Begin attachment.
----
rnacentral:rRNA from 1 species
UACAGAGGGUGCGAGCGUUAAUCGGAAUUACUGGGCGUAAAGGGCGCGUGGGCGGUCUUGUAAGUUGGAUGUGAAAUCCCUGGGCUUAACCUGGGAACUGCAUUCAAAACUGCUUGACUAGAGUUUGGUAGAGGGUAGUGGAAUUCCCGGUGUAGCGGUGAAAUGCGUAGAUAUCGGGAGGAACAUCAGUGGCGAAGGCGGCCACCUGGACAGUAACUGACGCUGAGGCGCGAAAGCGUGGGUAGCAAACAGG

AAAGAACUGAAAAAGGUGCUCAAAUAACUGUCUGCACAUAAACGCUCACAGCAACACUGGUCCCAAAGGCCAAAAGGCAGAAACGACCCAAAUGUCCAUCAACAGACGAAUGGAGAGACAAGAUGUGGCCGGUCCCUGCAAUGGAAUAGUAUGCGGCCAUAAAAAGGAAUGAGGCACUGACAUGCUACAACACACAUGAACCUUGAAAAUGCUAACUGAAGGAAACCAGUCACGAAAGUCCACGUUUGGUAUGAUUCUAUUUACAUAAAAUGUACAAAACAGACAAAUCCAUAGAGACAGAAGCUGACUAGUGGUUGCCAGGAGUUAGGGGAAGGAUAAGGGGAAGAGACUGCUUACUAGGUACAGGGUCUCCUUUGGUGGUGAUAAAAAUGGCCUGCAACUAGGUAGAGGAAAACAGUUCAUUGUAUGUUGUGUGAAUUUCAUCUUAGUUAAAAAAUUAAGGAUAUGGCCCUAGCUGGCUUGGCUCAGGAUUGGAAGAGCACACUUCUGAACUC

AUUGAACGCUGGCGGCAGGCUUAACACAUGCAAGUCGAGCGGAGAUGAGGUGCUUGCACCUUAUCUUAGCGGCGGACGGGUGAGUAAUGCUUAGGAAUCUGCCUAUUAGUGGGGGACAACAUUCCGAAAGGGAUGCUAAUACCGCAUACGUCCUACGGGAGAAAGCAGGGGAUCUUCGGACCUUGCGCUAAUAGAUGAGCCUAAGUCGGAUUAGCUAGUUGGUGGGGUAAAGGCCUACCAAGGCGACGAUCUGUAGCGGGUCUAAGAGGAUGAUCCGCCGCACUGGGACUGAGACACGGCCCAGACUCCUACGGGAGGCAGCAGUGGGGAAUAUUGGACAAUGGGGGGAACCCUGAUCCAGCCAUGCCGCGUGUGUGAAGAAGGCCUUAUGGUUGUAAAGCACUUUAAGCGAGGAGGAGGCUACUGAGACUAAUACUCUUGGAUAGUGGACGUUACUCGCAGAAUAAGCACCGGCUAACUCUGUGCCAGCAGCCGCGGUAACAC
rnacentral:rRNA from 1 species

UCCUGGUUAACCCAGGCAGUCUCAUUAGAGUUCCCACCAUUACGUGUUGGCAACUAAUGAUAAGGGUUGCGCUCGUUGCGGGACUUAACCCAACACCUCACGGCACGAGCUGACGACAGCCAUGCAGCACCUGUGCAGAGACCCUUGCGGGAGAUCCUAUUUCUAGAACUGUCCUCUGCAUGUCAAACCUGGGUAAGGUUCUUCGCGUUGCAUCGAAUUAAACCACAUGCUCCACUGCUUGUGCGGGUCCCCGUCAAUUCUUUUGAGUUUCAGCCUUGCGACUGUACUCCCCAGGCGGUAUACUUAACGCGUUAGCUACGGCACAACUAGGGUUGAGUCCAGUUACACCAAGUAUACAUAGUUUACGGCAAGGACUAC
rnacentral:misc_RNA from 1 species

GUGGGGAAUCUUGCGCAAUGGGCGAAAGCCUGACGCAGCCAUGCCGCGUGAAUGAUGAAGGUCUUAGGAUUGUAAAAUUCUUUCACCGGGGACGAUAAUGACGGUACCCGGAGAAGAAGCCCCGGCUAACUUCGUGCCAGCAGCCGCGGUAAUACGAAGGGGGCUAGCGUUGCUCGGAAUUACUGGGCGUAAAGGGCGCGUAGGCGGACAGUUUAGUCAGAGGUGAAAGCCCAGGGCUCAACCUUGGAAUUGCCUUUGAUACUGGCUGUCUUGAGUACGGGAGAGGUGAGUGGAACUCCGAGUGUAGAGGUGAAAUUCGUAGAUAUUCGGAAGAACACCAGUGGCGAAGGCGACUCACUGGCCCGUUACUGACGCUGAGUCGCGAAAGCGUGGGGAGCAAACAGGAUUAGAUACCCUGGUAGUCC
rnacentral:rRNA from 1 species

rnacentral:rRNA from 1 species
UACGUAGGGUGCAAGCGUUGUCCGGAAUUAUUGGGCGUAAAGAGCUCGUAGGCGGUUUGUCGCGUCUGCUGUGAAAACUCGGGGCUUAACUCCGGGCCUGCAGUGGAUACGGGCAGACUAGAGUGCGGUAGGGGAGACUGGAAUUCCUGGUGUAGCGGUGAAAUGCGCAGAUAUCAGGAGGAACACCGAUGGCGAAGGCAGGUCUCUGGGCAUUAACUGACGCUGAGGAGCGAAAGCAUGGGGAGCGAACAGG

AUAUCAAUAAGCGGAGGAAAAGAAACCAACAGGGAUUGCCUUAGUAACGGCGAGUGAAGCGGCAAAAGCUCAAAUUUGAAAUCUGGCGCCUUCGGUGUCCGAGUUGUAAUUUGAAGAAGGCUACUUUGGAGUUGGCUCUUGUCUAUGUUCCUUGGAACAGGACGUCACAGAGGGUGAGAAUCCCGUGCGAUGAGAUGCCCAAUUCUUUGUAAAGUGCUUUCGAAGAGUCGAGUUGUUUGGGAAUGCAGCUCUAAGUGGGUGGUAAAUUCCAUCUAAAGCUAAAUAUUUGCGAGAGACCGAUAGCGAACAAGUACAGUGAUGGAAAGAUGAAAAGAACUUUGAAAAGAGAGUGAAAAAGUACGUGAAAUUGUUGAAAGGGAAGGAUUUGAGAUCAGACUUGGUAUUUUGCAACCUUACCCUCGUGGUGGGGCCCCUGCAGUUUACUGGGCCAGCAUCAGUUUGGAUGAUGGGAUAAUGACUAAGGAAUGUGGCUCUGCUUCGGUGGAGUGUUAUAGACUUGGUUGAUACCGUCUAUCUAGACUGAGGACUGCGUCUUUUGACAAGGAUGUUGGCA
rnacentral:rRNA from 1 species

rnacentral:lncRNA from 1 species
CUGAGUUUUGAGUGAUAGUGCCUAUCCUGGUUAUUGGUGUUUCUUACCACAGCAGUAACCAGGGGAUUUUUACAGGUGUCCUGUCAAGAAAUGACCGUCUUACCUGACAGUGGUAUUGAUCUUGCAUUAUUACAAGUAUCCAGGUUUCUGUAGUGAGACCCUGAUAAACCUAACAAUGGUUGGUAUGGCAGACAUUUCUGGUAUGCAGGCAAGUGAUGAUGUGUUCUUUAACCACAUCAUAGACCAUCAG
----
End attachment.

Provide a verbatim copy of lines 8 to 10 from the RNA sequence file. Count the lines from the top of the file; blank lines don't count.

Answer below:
GUGGGGAAUCUUGCGCAAUGGGCGAAAGCCUGACGCAGCCAUGCCGCGUGAAUGAUGAAGGUCUUAGGAUUGUAAAAUUCUUUCACCGGGGACGAUAAUGACGGUACCCGGAGAAGAAGCCCCGGCUAACUUCGUGCCAGCAGCCGCGGUAAUACGAAGGGGGCUAGCGUUGCUCGGAAUUACUGGGCGUAAAGGGCGCGUAGGCGGACAGUUUAGUCAGAGGUGAAAGCCCAGGGCUCAACCUUGGAAUUGCCUUUGAUACUGGCUGUCUUGAGUACGGGAGAGGUGAGUGGAACUCCGAGUGUAGAGGUGAAAUUCGUAGAUAUUCGGAAGAACACCAGUGGCGAAGGCGACUCACUGGCCCGUUACUGACGCUGAGUCGCGAAAGCGUGGGGAGCAAACAGGAUUAGAUACCCUGGUAGUCC
rnacentral:rRNA from 1 species

rnacentral:rRNA from 1 species